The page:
The models involved in helping to promote the disastrous Fyre Festival will reportedly be subpoenaed by a court in an effort to find out how much money they were paid for their part in the Bahamas fiasco.
Supermodels Bella Hadid, Hailey Bieber, Emily Ratajkowski, Elsa Hosk and Kendall Jenner will reportedly be forced to disclose the amount they received from Billy McFarland, who is currently serving six years in prison on various counts of fraud for spearheading the failed 2017 music festival. As previously reported, McFarland raised an estimated $26 million through investors, much of which was used to attract talent to the failed event and now needs to be accounted for.
According to Billboard, the move comes from the trustee overseeing the bankruptcy of Fyre Media, Gregory Messer. It is part of a larger effort to understand what happened to millions of dollars paid out to talent by McFarland in the weeks leading up to the event. In early January, a judge reportedly signed off on the subpoenas for various talent and modeling agencies to help locate some $5.3 million that McFarland allegedly paid so that they would use their influence to help promote the event on social media and appear in a now-viral promotional video for the Fyre Festival.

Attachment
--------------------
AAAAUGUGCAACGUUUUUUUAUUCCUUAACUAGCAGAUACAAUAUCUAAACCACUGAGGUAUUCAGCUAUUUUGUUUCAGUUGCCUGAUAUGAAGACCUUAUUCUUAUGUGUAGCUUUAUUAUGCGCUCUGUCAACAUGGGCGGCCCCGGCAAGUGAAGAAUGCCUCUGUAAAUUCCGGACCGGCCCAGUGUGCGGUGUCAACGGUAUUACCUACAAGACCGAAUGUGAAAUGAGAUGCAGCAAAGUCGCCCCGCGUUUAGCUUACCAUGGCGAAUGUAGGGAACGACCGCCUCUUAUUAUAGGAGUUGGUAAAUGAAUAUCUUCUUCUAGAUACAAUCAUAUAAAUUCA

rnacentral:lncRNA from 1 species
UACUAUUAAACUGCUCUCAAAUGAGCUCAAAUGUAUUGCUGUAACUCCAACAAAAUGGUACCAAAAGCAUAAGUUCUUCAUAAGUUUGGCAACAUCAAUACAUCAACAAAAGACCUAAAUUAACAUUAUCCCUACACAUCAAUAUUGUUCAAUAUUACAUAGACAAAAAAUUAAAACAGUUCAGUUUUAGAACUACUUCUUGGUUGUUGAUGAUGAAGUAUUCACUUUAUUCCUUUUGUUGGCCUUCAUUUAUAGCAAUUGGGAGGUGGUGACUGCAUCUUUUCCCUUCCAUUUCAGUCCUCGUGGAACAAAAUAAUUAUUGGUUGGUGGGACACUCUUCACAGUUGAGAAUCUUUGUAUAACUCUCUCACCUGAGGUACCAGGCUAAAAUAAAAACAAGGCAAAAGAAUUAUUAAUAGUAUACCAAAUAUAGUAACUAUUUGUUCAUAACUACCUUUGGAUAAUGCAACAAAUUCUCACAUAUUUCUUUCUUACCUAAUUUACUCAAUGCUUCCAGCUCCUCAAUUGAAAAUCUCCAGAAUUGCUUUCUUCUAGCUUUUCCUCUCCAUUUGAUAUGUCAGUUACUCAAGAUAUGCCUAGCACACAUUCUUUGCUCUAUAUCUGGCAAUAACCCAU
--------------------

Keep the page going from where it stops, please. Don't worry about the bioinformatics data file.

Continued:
Messer is also reportedly looking into a $250,000 payment made to Jenner, who posted that members of Kanye West’s G.O.O.D Music family would be performing at the event in the Bahamas, which never happened. She was previously issued a warning by the Federal Trade Commission because her post about the festival was a paid advertisement, which she did not make clear to her millions of followers. Billboard reports that performers Soulja Boy and Waka Flocka Flame will receive subpoenas over their promotion of the event as well.
The Fyre Festival gained viral attention in 2017 when hundreds flocked to an island in the Bahamas under the promise of musical guests, luxury living arrangements, gourmet food and even private yachts. However, they arrived to find almost none of the promises made were true and instead were greeted to hurricane-relief tents, limited food and almost no way off the island. Interest in the debacle has been renewed in recent weeks thanks to a pair of documentaries about it from both Hulu and Netflix.